The incentives that companies offer their employees, whether during the recruitment process or as a motivator for high-standards of work, play a pivotal role in shaping the workplace culture. When employers put in constant effort to ensure their employees feel valued and take steps to motivate the team, it helps improve productivity, reduce turnover, and forge positive relationships among coworkers.
And when those other expectations are not met, employees will start looking for greener pastures. A recent survey released by Randstad Singapore revealed that 51% of all respondents are actively looking for a new job in the next 12 months. This is surprisingly, since most would rather stay in their current job during a pandemic.
Instead of entering into a price war with their competitors to attract talent, many businesses have shifted their focus to offering more non-monetary benefits. Here are some of them.
3 best non-monetary rewards in the workplace
With COVID-19, employees are facing a heightened sense of stress having to manage disruptions and maintain productivity at the same time. This is especially so for parents who have to juggle caring for their children and ensuring work gets done. Being stuck in that position can do more harm than good for their mental health and perception of their employer in the long-run. Employers should motivate employees through non-monetary incentives to help alleviate stress and increase work productivity.
1. flexible working arrangements
Even before the pandemic, there have been increasing expectations of employers to provide flexible working arrangements. This type of non-monetary incentives is found to lead to positive outcomes such as an increase in job satisfaction and a reduction in stress experienced.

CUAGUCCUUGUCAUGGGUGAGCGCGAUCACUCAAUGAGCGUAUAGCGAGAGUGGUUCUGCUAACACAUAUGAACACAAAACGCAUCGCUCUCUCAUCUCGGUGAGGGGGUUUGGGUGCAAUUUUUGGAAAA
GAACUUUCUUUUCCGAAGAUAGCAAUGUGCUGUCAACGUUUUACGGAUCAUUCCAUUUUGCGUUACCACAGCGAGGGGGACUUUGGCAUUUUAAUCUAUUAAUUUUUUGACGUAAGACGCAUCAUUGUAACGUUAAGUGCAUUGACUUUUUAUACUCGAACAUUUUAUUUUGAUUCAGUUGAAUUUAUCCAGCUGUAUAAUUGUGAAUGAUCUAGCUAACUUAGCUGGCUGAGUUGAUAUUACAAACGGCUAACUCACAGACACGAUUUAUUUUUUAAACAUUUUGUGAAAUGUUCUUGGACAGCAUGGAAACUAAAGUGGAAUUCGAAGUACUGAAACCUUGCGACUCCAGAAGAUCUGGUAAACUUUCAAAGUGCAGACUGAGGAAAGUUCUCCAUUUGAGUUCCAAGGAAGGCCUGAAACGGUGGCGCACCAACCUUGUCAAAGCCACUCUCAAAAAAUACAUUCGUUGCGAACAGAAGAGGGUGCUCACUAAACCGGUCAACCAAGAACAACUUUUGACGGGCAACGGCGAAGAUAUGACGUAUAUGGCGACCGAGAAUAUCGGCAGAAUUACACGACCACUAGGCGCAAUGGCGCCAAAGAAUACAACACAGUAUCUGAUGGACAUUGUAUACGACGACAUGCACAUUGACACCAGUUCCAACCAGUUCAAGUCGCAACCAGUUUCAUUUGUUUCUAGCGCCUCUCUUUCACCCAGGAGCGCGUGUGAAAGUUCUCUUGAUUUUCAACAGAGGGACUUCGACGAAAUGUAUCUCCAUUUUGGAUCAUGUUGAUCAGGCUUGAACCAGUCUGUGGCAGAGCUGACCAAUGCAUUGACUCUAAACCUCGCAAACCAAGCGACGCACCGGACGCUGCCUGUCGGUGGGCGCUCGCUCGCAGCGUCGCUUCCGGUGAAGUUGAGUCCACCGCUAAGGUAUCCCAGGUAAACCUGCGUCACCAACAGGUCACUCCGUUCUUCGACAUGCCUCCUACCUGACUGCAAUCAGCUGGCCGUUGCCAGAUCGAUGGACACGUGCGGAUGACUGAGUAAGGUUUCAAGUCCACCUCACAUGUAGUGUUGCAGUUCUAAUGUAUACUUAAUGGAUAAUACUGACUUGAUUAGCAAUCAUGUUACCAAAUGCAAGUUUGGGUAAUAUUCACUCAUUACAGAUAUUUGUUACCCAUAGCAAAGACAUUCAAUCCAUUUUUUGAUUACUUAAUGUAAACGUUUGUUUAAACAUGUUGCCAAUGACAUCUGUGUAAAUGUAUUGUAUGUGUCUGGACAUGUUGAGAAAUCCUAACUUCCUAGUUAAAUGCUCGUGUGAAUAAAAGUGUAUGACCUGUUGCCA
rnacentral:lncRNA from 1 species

Employees are attracted to flexible work arrangements for different reasons. For the younger workers, having the control and capability to plan out their day can leave them feeling more satisfied with both their life and work. For the more experienced professionals, having the flexibility to work from home will give them time to look after their children and their parents or spend time on their hobbies. Flexible arrangements may also be attractive to employees who prefer to work when they feel most productive, which could either be during the day or at night.
Even as the situation begins to improve in Singapore, many employees are still working from home. However, to ensure retention in the long-run, employers should consider placing their employees’ mental and well-being as a priority and continue to offer flexible working hours.
Companies would also need to do more to maintain productivity, which can be attained through increased employee engagement efforts. Managers should be more proactive and check on their employees regularly, taking the chance to remind them to take frequent breaks to prevent burnout. This could be in the form of daily morning check-ins to align on their workload and offering support whenever needed.